fitness · habits · motivation · self care

Go Team! January 30: Match your expectations to your capacity

A lot of goal-setting advice includes a reminder to be realistic about your goals, to ensure that you are choosing something that you will actually be able to do.

That’s useful advice but it’s something I have always struggled with* because it was hard for me to figure out what is a realistic result for the practice I am trying to build.

Yet, I know that there is value in being to be able to measure your progress and to feel like your hard work is leading somewhere.

So that’s why I started advising people to match their expectations to their efforts and, later, I refined that advice to ‘Match your expectations to your capacity.’ It’s still not exactly what I want to say but it is closer.

It’s all too easy to get discouraged in the process of building a new habit. It’s even easier to get discouraged if your expectations are completely out of whack with your capacity for working on that habit.

And I think this is compounded by the fact that advice for beginners and advice for experienced exercisers often gets jumbled when you try to do some research. Add in the fact that people have different skills, abilities, schedules and capacity for adding new habits to their lives and it becomes even more of a challenge.

So, what I’m saying if you have trouble setting realistic goals or if you expectations for progress are out of proportion to your current capacity, it is completely understandable. It is not your fault.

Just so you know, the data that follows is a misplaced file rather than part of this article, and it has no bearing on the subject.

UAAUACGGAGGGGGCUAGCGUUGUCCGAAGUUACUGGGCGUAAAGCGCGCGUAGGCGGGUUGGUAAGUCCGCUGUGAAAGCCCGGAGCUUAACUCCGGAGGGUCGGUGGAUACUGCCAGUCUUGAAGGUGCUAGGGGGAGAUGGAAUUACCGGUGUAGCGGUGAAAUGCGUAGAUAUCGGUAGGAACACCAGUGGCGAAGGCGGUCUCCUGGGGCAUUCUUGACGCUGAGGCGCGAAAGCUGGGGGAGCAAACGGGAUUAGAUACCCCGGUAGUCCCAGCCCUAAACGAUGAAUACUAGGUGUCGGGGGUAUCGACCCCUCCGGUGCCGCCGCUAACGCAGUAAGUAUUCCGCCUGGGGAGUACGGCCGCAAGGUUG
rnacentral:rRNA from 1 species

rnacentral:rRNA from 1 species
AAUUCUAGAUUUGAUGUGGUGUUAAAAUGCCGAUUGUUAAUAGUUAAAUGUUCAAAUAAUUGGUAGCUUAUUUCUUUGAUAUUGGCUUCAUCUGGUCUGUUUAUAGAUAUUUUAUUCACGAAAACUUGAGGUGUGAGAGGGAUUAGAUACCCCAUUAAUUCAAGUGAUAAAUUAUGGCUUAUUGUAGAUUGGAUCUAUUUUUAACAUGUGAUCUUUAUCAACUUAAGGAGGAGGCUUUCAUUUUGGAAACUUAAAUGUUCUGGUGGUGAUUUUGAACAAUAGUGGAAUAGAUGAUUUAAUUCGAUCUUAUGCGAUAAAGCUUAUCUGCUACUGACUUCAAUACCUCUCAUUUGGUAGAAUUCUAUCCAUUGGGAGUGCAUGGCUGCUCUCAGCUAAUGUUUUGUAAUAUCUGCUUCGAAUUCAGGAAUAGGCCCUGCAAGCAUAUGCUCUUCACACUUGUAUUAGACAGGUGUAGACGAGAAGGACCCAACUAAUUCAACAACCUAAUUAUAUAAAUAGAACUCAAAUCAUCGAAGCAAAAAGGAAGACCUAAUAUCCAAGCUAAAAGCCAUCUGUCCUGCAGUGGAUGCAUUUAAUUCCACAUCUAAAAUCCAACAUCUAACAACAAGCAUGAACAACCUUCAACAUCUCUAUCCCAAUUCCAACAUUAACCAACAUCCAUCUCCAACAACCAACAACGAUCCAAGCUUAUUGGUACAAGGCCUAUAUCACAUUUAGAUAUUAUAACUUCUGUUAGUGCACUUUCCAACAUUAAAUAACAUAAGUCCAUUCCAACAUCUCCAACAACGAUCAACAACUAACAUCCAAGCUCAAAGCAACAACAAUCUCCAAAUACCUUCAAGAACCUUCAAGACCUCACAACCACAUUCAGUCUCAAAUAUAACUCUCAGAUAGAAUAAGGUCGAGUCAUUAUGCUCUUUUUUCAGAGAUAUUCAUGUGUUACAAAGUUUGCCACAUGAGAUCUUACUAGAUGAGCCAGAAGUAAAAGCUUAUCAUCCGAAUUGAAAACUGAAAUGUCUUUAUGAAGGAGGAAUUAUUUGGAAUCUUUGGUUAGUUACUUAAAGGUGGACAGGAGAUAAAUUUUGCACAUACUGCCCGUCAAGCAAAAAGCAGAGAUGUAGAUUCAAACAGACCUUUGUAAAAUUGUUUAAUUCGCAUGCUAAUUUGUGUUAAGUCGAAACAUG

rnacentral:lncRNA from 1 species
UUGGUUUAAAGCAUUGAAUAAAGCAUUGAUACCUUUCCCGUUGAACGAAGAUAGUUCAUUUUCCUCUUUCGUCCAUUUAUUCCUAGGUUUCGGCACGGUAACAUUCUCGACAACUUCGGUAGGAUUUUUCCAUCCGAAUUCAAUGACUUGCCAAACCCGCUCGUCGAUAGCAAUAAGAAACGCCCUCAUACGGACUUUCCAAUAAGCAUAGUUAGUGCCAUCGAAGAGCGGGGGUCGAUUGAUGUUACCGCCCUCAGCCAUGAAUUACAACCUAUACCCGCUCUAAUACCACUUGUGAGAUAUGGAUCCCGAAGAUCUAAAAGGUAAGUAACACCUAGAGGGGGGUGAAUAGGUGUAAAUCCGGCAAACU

But let’s try to bring your expectations closer to your reality so you can stay encouraged and see your progress.

Side note: You’ll see lots of advice out there about how you need to practice a certain number of minutes a day or work at a certain level in order to be healthy or fit. Leaving aside the issue of how ‘healthy’ or ‘fit’ might be defined in those cases, that advice might not be useful for you, yet. If you are starting out with fitness/meditation or if you are starting something that’s new for you, those numbers may not be relevant. Obviously, it’s ok to try it out and see if it works for you but if you find that it takes too much time/energy or that it leaves you discouraged, start waaaaaaay smaller. It makes much more sense to consistently do 2 minutes of practice twice a week and build that up over time than it does to try something intense for a week and then have to abandon it.

Connecting Capacity and Expectations

I hope that after a month of posts, I have started to convince that it is ok to start where you are and gradually expand your practice, working past obstacles and challenges, living your own story, until you have made the changes you want to make in your life.

In fact, it is more than ok, it’s literally the only possible way to do it.

That being said, if you are doing small practices and building up, then you aren’t going to get the same results as someone who can put hours into their practice.